Where all the things are at

I just took my last antibiotic. This hopefully marks the end of such things for a long, long time. It’s strange to think that some of the things I thought were side effects of treatment — namely, fatigue and high blood pressure — may have been related to the infection, and not to the trial at all.

I’m beginning active treatment again on Thursday. Technically, this is the start of my fourth cycle, though I’ve only actually completed one and a half cycles in total, plus one random week which counted as part of cycle three, I think. With the exception of that week, I’ve been out of treatment since February 24th. It doesn’t feel like that long, I suppose because I spent so much of that time in hospital being treated for acute infections. March is a blur, it barely exists for me. And yet it’s so cold, I feel as though it didn’t even happen. It feels like winter still, and I don’t really believe that almost an entire month went by without me.

In some ways, it feels like everything was suspended and no time really passed at all. I had a CT scan last week and it was completely unchanged from the scan I had in February. Everything on hold. It makes me wonder what to expect once I start treatment again — will the holding pattern continue? Will I start getting better again?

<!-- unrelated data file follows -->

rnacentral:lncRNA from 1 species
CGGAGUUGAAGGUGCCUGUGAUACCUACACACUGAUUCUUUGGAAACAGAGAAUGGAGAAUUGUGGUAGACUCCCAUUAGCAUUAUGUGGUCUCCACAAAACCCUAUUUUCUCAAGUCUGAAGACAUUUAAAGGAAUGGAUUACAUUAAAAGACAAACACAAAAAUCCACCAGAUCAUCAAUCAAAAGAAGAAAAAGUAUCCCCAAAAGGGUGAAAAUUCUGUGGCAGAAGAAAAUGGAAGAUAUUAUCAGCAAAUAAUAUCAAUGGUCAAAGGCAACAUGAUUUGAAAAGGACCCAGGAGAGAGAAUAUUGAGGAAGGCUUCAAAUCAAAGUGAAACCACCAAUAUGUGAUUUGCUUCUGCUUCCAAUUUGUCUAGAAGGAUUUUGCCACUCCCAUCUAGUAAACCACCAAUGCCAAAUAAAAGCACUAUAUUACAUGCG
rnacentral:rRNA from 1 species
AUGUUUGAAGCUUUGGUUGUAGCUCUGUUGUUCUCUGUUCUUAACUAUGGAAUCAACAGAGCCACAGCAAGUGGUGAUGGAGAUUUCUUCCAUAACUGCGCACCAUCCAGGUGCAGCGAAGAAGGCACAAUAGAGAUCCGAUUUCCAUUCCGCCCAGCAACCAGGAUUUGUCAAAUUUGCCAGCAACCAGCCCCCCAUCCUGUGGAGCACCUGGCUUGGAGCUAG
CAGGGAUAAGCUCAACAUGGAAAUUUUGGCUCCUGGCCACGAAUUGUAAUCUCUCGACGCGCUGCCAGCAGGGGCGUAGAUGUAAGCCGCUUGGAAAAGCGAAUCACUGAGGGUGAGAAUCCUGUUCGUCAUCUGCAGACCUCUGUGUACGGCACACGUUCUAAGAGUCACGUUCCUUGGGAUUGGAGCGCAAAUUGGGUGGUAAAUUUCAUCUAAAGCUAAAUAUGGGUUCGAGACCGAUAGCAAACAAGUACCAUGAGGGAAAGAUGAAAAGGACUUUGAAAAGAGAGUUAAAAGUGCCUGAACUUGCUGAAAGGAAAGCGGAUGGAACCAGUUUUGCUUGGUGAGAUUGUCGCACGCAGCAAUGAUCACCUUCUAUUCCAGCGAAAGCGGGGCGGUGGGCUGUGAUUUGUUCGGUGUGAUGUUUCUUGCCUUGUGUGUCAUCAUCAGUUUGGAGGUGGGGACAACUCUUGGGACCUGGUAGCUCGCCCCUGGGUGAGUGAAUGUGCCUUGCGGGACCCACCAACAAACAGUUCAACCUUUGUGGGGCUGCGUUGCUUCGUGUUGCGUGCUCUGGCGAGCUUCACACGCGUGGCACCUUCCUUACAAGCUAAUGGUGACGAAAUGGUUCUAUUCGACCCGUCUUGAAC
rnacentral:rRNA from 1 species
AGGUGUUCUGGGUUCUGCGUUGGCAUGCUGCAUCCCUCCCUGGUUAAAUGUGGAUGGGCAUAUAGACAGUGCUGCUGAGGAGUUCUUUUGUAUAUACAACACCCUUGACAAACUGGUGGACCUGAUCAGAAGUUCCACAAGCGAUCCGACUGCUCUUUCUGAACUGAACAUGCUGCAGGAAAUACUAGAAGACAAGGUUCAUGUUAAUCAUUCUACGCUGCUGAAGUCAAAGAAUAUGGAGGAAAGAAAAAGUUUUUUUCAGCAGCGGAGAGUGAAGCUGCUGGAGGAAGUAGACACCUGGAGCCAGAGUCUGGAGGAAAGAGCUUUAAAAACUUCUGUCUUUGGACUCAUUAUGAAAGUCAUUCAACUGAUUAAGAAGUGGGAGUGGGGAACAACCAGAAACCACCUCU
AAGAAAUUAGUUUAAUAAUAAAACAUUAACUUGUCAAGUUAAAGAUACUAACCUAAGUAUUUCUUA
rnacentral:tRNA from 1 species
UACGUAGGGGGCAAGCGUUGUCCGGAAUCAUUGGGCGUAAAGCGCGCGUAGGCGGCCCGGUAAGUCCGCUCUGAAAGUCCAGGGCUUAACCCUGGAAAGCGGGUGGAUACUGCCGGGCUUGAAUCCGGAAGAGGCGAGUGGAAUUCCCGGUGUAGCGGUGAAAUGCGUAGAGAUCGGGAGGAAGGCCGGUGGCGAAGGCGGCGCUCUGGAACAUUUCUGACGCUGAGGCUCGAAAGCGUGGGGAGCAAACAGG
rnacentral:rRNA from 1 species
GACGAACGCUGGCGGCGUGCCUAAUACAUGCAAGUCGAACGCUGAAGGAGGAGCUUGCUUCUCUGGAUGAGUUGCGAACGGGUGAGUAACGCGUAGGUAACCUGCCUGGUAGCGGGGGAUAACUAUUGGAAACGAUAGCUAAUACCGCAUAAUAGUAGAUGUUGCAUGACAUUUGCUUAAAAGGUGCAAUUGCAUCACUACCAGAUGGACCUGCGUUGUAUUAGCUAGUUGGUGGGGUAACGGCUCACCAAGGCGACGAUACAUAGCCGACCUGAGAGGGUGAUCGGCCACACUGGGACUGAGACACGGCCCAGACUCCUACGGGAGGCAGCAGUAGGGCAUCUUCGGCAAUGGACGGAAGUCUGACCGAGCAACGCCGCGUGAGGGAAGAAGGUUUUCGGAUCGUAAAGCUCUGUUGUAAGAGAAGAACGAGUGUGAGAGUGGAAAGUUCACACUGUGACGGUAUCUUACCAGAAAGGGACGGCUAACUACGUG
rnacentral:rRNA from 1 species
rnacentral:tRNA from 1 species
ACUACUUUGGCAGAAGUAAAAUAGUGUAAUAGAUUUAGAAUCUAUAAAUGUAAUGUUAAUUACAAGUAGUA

I have a hard time thinking about the future. I don’t really believe in it. Maybe this doesn’t make sense. I’m not sure how to explain it. I guess I just don’t believe in a future that can even remotely resemble anything I could imagine the future to look like. I remember talking to my psychiatrist in January, proudly telling him how I’d booked a trip to New York at the end of March. It was the first time in three years that I’d booked a flight more than six weeks in advance. I felt like I’d really accomplished something. And then everything fell apart and I couldn’t go to New York and I just felt stupid for thinking I could do something as simple as make plans.

I read an article in this week’s NY Times Magazine about this guy, Adam Grant, who is notorious for helping anyone who asks for help, and is one of the most prolific and efficient academics in the field of organizational psychology. It’s an interesting read, but there was a part that stood out for me, where the author talks about Grant’s death anxiety, and Grant essentially says something like, idleness gives way to anxiety, so to avoid the panic attacks that can accompany existential musings on mortality, he essentially just keeps busy. I think he refers to a friend saying he has productive OCD, which made me laugh because my psychiatrist told me exactly the same thing two weeks ago. (Actually, what he said was, your need to work and organize and keep busy is kind of OCD, and I don’t mean that in a bad way, just that you keep yourself distracted from dwelling on your disease and mortality by constantly doing things) and I kind of laughed, but I guess it’s true. When you have a constant reminder that you won’t be around forever, it suddenly seems more important to get things done.